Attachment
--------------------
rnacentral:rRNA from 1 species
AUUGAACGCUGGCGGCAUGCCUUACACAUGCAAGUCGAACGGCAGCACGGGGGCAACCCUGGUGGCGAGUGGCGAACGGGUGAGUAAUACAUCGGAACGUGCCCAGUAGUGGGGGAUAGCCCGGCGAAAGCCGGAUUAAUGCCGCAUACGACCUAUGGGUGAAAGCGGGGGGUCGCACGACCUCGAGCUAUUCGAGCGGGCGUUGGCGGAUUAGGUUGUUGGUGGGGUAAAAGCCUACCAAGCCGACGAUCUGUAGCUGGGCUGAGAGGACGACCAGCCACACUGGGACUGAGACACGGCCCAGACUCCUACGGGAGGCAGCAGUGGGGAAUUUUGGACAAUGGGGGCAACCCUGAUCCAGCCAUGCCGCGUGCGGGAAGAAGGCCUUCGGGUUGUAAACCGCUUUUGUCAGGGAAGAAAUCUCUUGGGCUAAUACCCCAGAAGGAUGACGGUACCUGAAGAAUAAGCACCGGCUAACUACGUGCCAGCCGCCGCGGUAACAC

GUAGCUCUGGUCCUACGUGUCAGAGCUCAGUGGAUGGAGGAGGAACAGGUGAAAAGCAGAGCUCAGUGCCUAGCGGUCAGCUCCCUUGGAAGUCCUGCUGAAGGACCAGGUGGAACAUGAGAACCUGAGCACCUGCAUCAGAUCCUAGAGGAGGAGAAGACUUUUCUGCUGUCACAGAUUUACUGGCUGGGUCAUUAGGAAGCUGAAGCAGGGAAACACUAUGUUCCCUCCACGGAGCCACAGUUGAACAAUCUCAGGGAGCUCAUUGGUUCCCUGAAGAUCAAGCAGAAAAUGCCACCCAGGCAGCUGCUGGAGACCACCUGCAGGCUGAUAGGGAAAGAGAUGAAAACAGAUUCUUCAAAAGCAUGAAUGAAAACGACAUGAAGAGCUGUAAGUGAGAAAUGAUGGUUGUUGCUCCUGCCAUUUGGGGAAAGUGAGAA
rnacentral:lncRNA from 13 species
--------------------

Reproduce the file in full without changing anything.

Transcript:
rnacentral:rRNA from 1 species
AUUGAACGCUGGCGGCAUGCCUUACACAUGCAAGUCGAACGGCAGCACGGGGGCAACCCUGGUGGCGAGUGGCGAACGGGUGAGUAAUACAUCGGAACGUGCCCAGUAGUGGGGGAUAGCCCGGCGAAAGCCGGAUUAAUGCCGCAUACGACCUAUGGGUGAAAGCGGGGGGUCGCACGACCUCGAGCUAUUCGAGCGGGCGUUGGCGGAUUAGGUUGUUGGUGGGGUAAAAGCCUACCAAGCCGACGAUCUGUAGCUGGGCUGAGAGGACGACCAGCCACACUGGGACUGAGACACGGCCCAGACUCCUACGGGAGGCAGCAGUGGGGAAUUUUGGACAAUGGGGGCAACCCUGAUCCAGCCAUGCCGCGUGCGGGAAGAAGGCCUUCGGGUUGUAAACCGCUUUUGUCAGGGAAGAAAUCUCUUGGGCUAAUACCCCAGAAGGAUGACGGUACCUGAAGAAUAAGCACCGGCUAACUACGUGCCAGCCGCCGCGGUAACAC

GUAGCUCUGGUCCUACGUGUCAGAGCUCAGUGGAUGGAGGAGGAACAGGUGAAAAGCAGAGCUCAGUGCCUAGCGGUCAGCUCCCUUGGAAGUCCUGCUGAAGGACCAGGUGGAACAUGAGAACCUGAGCACCUGCAUCAGAUCCUAGAGGAGGAGAAGACUUUUCUGCUGUCACAGAUUUACUGGCUGGGUCAUUAGGAAGCUGAAGCAGGGAAACACUAUGUUCCCUCCACGGAGCCACAGUUGAACAAUCUCAGGGAGCUCAUUGGUUCCCUGAAGAUCAAGCAGAAAAUGCCACCCAGGCAGCUGCUGGAGACCACCUGCAGGCUGAUAGGGAAAGAGAUGAAAACAGAUUCUUCAAAAGCAUGAAUGAAAACGACAUGAAGAGCUGUAAGUGAGAAAUGAUGGUUGUUGCUCCUGCCAUUUGGGGAAAGUGAGAA
rnacentral:lncRNA from 13 species